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A powerful moving story of love between men in a time of great horrors

In post-war Germany, liberation by the Allies does not mean freedom for everyone. Hans is imprisoned again and again under Paragraph 175, a law criminalizing homosexuality. Over the course of decades, he develops an unlikely yet tender bond with his cellmate Viktor, a convicted murderer.

Winner of the Un Certain Regard Jury Prize at Cannes and starring an exceptional Franz Rogowski, Sebastian Meise’s Great Freedom is a searing depiction of love in the face of injustice

The law used by the Third Reich to oppress gay men continued long after its downfall. Director Sebastian Meise on Great Freedom, his searing film about a man incarcerated almost all his life

Ryan GilbeyMon 14 Mar 2022 08.00 GMT

Paragraph 175 sounds innocuous enough. A minor piece of legislation, perhaps, or part of those terms and conditions that any one of us would be forgiven for skimming over. But as the award-winning new film Great Freedom makes clear, it was in fact a vindictive article of the German penal code that criminalised male homosexuality and blighted the lives of 140,000 men, more than a third of whom received prison sentences. As well as remaining in force for more than a century, Paragraph 175 exposed a tacit accord between the Nazis – who lowered the threshold for punishment while raising the sentence – and the postwar liberating forces.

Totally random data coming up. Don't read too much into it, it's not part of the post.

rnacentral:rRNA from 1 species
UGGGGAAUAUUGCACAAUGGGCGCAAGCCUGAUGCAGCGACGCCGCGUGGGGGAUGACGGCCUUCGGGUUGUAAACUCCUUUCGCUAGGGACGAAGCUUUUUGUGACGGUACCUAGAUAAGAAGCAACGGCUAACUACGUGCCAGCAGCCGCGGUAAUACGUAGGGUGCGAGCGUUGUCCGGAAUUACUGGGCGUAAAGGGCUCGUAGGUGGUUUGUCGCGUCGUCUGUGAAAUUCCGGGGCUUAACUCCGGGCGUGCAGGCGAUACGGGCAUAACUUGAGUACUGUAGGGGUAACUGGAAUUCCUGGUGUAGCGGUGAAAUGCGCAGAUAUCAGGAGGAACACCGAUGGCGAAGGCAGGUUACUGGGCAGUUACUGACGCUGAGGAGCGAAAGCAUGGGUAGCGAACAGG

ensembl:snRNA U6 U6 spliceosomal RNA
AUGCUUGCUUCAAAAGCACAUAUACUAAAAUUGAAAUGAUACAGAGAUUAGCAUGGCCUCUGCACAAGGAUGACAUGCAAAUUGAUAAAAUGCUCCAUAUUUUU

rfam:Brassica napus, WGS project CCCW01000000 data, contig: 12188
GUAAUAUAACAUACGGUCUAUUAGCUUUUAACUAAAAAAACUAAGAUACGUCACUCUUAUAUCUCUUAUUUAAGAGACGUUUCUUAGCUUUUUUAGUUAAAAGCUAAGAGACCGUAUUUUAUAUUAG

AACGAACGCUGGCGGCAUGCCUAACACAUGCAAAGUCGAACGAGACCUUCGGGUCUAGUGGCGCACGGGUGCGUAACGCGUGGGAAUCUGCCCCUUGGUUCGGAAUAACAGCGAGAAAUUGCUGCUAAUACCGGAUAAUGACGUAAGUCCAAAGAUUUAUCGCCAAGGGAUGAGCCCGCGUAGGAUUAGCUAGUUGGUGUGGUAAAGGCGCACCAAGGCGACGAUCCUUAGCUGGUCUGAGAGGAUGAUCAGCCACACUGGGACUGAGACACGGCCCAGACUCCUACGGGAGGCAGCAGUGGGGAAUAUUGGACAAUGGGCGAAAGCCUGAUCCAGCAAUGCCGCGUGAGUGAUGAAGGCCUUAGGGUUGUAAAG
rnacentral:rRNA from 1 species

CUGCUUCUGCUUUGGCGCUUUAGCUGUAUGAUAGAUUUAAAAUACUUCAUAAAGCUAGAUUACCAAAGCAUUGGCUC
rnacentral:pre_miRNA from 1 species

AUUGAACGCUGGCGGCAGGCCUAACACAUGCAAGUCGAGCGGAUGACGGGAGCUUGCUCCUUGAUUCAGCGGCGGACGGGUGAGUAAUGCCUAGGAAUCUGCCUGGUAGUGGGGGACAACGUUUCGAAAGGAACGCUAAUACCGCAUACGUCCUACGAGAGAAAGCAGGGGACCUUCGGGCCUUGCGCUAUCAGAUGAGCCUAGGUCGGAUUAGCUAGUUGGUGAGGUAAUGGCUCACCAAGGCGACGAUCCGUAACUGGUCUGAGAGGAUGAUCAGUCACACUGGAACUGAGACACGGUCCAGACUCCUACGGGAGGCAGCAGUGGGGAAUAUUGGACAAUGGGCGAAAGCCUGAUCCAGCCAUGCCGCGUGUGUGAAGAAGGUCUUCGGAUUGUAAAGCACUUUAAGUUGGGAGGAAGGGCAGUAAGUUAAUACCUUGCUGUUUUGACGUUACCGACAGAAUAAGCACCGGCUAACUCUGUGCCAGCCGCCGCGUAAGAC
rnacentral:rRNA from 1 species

“Other laws were reset after the war to how they had been before the Nazis,” explains Sebastian Meise, the film’s 46-year-old Austrian director, when we meet in a London office. “But 175 just continued.” A “pink list” of known gay men, which the Nazis had compiled, was still in circulation by the late 1970s, Meise says. “It’s absurd the lengths the state went to in persecuting these men. What struck me most was the allies. For me, they’ve always been the liberators – they freed us from fascism. But in this case, they were on the same level as the Third Reich.” Some men who had been imprisoned in concentration camps were simply transferred straight to prison following the end of the war. In Great Freedom, this is the fate of Hans, played by Franz Rogowski, who spends most of his adult life behind bars. When we first meet him, he is being sent down in 1968 for lewd conduct in a public toilet. Shot by police from behind a two-way mirror, the Super-8 footage of his cottaging exploits carries the frisson of a peep show.

Meise used Tearoom, William E Jones’s film containing footage of a real-life 1960s sting operation in the American midwest, as a reference point. A ‘pink list’ of gay men, compiled by the Nazis, was still in use in the late 1970s

If Hans doesn’t look perturbed by his sentence, that’s because he knows he will be reunited with his old cellmate Viktor, played by Georg Friedrich. It is their enduring bond, their acts of selflessness and sacrifice, that suffuse the film with hope where it might have been simply harrowing.


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